O’Brien moved back and forth, pursuing employment and grants as an artist, but yearning to retreat for good to what has recently been popularized by Rod Dreher’s bestseller The Benedict Option as an “intentional community” with like-minded adherents restoring and sustaining a dignified Christian counter-culture, centered around the Latin Mass and the legacy of millennia of sustenance and stability. As a “serious, bearded prophet with a sense of humor,” O’Brien in Cavallin’s description survives decades of stress, from a lethal combination of mental, physical and spiritual suffering. “There is no Christendom anymore to support the artist; he may come to feel that he must carry a whole civilization within himself in order to create sacred art.” This joins Cavallin to O’Brien, in their shared love of iconography, as well as anything from Croatia.
Illness and poverty, deepened by despair, find nonetheless frequent if last-minute rescues by what those in this book would credit as divine providence. As in nearly rent-free residences in fixer-uppers in both Ontario and in B.C. Perseverance pays off, at least that by 1997 his family purchases a modest house at last. By 2001, O’Brien capitulates to the online market to sell his art.
Yet, “using the media to critique the media,” Michael O’Brien resolves to unplug, frequently over the next dozen-odd years. In a coda, Clemens Cavallin relates his admiration for the novel Island of the World. This saga of Croatian vs. Communist power gained O’Brien an enthusiastic audience and, in Ignatius Press, a reliable publisher in the often-impoverished Catholic press. Given that this same firm issues Cavallin’s account of one of its leading authors, however, this reveals an innate awkwardness that neither subject nor author seem to comprehend.
For, Cavallin skimps on that literary critique promised in his introduction of this biography. This absence allows an advantage: the rambling plots, ambling characters, sudden chases, hairbreadth escapes and engaging detail characteristic of all of O’Brien’s very thick novels will not be spoiled for those who have not yet opened his oeuvre. The disadvantage lies in the blunt, persistent fact that O’Brien badly needs a far more severe editor than his patient in-house confidant, Sheila. What skill lies deep within the narratives he spins out of Catholic suspicions that an accelerating double-punch of profit and promiscuity, spending and slacking, may harbor at least hints of the End Times gets vitiated by story lines veering off madly if sometimes charmingly into dead ends.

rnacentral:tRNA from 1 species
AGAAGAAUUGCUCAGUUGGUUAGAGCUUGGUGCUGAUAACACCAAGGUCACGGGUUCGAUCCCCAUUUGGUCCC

His uneven fiction could have achieved so much more force if trimmed, tightened, tautened and toughened. Cavallin, now an intimate of the O’Brien clan rather than a distant if polite scholar of its scion’s lifeworks, lacks the critical distance to move his study out of intimate biography into literary criticism. Yet, On the Edge of Infinity may motivate attentive readers to build upon what Cavallin establishes as O’Brien’s philosophy and outlook to ground more sophisticated study. For now, audiences may meditate on the possibilities and the limitations of zeal as pursued in the service of a higher truth, from the margins of postmodern society, on a tight budget, under precarious health and with more than one broken-down and considerably used truck for hire.